Aguttes also compares it to the Mercedes-AMG G-Class 6×6, which is kind of funny. This is definitely rarer than one of those. And a lot cheaper too. The pre-sale estimate is $7,000-$12,000. Click here for more info and here for more from this sale.

Update: Sold $17,745.

1936 Albion Van

1936 Albion SPL 126 Van

Offered by H&H Auctioneers | Duxford, U.K. | April 14, 2021

Photo – H&H Auctioneers

Glasgow, Scotland-based Albion produced passenger cars for a short time until 1915 and, afterward, concentrated exclusively on commercial vehicles. This would be what the company is remembered for, and production of these continued until 1972.

We’ve featured a few Albion commercial vehicles in the past, including a truck from about this era. This delivery van carries a livery for a producer of Swiss Rolls and was apparently delivered new to this company. It was restored between 2005 and 2008 and has been fitted with overdrive, allowing it to hit about 55 mph. This makes it somewhat usable, especially if you’re a business owner looking to advertise (though it would be a shame to lose this livery). Power is from an inline-four of unknown displacement or output.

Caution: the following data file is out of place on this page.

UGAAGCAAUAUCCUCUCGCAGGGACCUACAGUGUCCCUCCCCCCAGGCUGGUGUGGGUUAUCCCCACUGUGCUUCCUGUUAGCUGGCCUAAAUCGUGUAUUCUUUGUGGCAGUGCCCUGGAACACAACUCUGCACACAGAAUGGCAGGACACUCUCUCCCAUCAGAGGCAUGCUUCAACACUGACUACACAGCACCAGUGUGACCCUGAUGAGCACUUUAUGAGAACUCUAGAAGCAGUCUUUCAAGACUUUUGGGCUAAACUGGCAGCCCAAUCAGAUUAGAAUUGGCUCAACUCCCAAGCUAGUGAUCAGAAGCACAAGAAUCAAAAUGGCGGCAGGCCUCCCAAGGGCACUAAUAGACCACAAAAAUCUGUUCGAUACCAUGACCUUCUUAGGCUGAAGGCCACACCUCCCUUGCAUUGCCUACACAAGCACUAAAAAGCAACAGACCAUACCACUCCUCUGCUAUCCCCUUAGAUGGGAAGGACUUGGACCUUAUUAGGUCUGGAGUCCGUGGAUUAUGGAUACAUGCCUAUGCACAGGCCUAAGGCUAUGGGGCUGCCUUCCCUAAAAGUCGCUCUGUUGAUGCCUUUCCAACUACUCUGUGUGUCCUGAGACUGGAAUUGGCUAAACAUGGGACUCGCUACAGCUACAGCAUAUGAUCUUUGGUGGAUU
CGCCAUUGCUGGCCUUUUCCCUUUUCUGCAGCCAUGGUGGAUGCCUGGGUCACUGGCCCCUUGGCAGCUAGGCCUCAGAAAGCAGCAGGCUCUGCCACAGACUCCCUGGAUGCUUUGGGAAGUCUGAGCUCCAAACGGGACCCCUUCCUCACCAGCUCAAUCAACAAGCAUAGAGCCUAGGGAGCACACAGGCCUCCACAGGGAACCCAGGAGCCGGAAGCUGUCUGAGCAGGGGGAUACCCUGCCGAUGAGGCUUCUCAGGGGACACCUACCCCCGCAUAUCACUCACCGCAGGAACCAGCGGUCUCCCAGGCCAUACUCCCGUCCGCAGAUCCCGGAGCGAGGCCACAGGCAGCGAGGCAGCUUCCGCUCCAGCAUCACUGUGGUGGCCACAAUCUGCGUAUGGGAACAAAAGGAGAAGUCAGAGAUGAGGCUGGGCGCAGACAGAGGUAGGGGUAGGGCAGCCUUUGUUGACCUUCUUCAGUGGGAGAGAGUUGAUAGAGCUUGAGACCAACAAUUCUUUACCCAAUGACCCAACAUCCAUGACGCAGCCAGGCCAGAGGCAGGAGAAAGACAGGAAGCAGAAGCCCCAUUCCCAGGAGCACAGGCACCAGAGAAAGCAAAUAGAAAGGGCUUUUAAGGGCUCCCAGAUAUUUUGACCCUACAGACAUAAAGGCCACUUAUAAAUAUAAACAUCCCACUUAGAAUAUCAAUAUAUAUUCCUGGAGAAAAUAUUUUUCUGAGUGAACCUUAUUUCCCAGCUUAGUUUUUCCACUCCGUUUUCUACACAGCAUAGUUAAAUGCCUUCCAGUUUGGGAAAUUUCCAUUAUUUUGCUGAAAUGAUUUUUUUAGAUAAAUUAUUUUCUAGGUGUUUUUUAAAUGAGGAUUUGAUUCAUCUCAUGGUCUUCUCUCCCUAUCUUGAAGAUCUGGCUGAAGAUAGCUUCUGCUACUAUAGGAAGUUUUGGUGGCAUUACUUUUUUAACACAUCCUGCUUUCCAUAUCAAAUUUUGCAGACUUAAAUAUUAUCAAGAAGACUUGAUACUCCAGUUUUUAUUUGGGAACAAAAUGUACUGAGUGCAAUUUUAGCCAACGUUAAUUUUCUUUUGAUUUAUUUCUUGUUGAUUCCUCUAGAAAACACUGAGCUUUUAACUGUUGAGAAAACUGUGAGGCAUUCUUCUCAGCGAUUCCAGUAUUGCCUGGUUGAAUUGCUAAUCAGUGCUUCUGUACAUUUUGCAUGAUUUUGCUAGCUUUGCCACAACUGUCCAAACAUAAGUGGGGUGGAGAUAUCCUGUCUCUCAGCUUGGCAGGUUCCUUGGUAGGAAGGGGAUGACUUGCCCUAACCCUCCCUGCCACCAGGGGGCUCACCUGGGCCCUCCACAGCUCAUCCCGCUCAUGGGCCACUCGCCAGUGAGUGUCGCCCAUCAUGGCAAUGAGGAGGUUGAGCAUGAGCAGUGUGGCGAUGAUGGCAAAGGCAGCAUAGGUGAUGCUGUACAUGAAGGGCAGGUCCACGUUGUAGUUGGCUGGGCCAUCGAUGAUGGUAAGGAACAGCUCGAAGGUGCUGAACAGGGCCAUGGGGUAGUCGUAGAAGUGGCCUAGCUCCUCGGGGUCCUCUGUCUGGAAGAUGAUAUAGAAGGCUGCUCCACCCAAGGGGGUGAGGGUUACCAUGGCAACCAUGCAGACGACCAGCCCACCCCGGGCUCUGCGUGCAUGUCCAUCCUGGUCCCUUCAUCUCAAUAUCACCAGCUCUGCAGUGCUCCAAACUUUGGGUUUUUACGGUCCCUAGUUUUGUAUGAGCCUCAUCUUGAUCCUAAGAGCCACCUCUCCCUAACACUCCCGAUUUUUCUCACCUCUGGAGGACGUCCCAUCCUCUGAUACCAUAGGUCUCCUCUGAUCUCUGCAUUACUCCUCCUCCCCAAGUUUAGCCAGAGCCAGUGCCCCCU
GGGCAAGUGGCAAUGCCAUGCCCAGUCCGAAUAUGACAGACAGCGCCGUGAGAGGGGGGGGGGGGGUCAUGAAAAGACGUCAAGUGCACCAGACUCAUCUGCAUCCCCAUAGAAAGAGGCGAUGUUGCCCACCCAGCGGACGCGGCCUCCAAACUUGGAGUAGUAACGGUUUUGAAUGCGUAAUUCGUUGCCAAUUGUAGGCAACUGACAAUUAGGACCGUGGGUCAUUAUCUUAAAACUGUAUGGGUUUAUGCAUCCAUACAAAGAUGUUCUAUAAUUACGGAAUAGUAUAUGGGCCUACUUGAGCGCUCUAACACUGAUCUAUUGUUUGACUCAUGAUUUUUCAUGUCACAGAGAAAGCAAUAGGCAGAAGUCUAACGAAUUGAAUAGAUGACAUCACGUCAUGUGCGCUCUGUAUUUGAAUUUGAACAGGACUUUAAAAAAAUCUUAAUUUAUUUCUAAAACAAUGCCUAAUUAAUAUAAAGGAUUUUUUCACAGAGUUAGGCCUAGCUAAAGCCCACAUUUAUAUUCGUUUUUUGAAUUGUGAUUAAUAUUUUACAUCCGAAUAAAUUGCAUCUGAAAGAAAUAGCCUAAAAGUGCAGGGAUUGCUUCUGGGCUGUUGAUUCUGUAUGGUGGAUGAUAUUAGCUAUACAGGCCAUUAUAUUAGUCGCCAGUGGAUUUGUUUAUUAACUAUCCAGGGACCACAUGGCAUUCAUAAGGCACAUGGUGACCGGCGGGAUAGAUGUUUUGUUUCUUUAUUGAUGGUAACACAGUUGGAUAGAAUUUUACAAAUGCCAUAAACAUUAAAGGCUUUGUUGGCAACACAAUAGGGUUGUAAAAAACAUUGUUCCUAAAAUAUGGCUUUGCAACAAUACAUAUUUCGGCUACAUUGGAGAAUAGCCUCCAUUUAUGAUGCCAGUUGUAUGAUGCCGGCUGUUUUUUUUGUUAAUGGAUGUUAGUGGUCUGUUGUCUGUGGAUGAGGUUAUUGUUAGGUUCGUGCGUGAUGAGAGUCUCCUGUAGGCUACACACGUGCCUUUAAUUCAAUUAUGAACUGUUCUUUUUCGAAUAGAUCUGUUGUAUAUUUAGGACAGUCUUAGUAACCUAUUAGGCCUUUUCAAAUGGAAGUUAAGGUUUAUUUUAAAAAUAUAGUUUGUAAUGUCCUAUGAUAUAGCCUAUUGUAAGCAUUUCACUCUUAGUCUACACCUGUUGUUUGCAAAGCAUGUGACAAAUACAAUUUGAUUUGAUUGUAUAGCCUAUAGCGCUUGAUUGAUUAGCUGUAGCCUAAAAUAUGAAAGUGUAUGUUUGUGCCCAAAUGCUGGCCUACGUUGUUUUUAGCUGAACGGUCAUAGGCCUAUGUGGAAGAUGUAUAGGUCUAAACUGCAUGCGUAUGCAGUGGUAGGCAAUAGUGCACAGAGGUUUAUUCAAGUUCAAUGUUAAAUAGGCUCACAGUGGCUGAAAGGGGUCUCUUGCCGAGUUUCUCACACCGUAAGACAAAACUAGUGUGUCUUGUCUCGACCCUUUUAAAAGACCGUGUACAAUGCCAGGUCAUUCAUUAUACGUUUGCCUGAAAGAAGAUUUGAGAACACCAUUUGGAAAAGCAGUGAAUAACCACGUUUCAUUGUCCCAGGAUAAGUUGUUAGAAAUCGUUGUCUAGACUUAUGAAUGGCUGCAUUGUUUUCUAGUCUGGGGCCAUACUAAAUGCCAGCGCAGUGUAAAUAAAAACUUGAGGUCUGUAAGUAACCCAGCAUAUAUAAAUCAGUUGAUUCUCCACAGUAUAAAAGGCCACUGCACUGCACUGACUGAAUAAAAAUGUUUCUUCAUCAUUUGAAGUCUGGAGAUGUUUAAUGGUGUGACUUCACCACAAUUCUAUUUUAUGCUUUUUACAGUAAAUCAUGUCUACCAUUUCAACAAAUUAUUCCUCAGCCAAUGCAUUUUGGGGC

Bonhams sold this truck in 2013 for $26,000, and it now carries an estimate of $20,000-$25,000. Click here for more info and here for more from this sale.

Update: Sold $29,469.

Citroen Berlingo Calao

1998 Citroen Berlingo Calao by Sbarro

Offered by Aguttes | Sochaux, France | September 20, 2020

Photo – Aguttes

At first, I thought that, after PSA’s acquisition of Opel, the company was shedding itself of part of its heritage collection. Brightwells is selling off part of Vauxhall’s heritage collection, and now we have this sale of Citroen and Peugeot prototypes and old cars, all from Peugeot’s Museee de l’Aventure. That collection houses over 450 vehicles, with just 130 on display. So it appears that they are just thinning the herd.